If it's not Miami, it's Notre Dame or Florida State challenging everyone. Because they are not tied to a conference's bowl requirements, they can wheel and deal with almost anyone, and almost everyone wants them.
The conferences also are flooding the bowl market. The Big Ten, which seems to become a bit weaker every year, has not had a national champion since Ohio State in 1968, yet it still put six teams (not counting Penn State) into bowl games this year. The reason is simple: Most Big Ten schools have huge enrollments and hundreds of thousands of alumni who would like nothing better than to leave the cold Midwest for a few days during the holidays.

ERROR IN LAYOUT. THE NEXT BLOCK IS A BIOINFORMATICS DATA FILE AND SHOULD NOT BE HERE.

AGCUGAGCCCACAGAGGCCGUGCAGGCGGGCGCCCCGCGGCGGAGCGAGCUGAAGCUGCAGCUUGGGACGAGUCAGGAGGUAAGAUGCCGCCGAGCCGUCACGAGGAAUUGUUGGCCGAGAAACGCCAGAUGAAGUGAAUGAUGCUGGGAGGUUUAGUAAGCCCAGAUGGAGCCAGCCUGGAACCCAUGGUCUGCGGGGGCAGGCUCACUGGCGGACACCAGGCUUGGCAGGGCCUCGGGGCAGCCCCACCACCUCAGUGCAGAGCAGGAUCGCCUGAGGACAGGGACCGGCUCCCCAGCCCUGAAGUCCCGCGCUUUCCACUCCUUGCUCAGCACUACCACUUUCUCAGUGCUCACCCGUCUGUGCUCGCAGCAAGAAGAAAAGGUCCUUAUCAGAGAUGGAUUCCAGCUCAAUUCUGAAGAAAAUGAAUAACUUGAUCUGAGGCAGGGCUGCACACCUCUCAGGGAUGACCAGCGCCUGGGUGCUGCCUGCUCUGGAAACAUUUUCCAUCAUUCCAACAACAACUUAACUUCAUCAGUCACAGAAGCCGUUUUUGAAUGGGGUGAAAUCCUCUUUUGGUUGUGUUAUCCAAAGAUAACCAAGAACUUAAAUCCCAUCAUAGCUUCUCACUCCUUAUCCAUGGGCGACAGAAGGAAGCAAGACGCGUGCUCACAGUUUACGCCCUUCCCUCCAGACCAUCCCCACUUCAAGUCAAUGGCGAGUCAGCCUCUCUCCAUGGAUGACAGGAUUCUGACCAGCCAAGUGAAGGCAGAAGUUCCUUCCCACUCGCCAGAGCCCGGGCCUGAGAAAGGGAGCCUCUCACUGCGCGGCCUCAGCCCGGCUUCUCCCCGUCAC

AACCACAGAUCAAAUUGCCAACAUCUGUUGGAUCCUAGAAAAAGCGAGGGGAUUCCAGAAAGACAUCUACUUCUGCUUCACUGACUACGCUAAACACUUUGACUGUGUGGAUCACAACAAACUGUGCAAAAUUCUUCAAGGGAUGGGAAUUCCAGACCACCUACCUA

One conference that gets almost no respect during the football season is the ACC. If you examine what happened to Virginia, perhaps that's warranted. But if you look at Georgia Tech, the nation's only undefeated team, it seems unfair.
It's true the Yellow Jackets were tied by North Carolina, but they haven't lost and will be trying to stake their claim to the national title by beating No. 19 Nebraska (9-2) in the Citrus Bowl.
So the Citrus and Blockbuster bowls figure in the national title race, while the Sugar, Fiesta and Rose simply hope for a good show.
"The bowls, and there are 19 of them, can satisfy a lot of wants of a lot of college teams," said the Orange Bowl's Hatchell. "There's still room for everything."